Causes of Lung Injury in ARDS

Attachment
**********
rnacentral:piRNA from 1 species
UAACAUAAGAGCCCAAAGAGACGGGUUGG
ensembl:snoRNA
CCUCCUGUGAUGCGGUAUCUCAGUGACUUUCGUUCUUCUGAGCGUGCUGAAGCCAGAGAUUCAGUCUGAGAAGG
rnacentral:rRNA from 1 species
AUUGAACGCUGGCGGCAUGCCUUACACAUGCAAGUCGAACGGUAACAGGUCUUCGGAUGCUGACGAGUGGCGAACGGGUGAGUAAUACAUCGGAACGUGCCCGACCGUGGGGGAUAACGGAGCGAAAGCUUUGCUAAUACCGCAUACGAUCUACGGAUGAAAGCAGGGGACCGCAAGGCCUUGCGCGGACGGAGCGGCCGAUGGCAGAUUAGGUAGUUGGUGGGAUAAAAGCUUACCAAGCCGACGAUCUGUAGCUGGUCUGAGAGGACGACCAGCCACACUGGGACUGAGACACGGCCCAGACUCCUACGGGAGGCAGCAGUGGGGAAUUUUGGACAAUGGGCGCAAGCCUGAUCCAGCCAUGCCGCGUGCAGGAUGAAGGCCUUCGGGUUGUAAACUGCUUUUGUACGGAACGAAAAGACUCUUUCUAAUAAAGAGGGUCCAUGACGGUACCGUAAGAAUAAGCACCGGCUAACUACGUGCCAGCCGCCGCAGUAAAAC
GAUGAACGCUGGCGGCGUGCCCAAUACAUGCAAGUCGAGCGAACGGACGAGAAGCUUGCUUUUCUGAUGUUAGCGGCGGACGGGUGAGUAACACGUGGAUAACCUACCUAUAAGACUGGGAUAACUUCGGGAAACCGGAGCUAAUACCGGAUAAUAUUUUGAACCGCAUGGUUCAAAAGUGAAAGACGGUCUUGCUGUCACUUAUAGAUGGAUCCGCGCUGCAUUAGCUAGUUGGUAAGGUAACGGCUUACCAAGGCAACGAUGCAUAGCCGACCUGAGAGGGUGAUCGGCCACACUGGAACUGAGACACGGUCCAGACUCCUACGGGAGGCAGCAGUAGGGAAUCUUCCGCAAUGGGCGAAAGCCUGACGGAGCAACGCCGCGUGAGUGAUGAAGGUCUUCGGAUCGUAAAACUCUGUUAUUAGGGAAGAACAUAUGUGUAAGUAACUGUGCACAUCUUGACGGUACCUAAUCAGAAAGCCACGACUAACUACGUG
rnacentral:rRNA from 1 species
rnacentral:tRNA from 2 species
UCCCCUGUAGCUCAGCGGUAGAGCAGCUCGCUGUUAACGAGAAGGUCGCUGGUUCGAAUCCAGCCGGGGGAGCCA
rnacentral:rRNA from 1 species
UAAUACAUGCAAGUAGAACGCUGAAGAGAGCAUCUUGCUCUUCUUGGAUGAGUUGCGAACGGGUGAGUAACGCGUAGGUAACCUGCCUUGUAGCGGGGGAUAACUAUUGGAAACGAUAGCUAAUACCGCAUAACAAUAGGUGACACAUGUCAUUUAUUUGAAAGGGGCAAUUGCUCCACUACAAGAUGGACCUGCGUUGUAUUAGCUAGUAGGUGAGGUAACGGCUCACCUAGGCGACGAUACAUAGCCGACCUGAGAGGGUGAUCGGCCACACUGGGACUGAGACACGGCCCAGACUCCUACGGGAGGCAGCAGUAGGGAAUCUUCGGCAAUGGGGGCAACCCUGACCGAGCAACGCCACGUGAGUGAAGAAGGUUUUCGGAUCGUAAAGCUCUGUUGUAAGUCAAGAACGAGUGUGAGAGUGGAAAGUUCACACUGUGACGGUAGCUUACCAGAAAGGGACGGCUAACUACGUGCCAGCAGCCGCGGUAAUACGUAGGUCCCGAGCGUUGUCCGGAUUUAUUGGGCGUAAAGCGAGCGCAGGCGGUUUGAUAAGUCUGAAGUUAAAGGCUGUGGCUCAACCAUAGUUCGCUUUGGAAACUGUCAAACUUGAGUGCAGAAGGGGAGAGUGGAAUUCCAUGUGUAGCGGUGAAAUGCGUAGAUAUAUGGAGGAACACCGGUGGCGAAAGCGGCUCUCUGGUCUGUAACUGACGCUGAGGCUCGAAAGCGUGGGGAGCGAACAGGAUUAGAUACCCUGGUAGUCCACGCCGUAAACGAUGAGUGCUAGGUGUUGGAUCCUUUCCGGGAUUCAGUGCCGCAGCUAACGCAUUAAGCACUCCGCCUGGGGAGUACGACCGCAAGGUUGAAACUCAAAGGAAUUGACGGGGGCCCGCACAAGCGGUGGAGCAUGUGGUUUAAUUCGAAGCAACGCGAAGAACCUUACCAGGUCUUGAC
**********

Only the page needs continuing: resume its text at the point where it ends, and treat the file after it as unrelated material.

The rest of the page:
the alveolar-capillary membrane is injured, which is normally only permeable to small molecules. Lung tissue normally remains relatively dry, but in patients with ARDS lung fluid increases and contains high levels of proteins. Surfactant (which maintains elasticity of lung tissue and prevents alveolar collapse) activity is decreased in ARDS. The alveoli become unstable, and tend to collapse unless they are filled with fluid, either way they cannot exchange gases. Transfusion related acute lung injury (TRALI) associated with the activation of the inflammatory response due to a recent transfusion of plasma containing products (PRBCs, platelets, FFP) are associated with ARDS in critically ill patients. When a patient is being transfused they are being exposed to plasma that contains foreign proteins and antibodies. This exposure activates WBCs and causes agglutination (clumping) of the foreign proteins and WBCs, which then travel to the lung. The clumped material injures the pulmonary capillaries causing capillary leak and additional inflammation. Common causes of acute lung injury: Shock, trauma, serious nervous system injury, pancreatitis, fat and amniotic fluid emboli, pulmonary infections, sepsis, inhalation of noxious gases, pulmonary aspiration, drug ingestion, hemolytic disorders, multiple blood transfusions, cardiopulmonary bypass, near drowning (esp. in fresh water). In many cases of ARDS, especially after trauma clot production is increased, and fibrinolysis (clot breakdown) is reduced. As a result small emboli remain in the lung.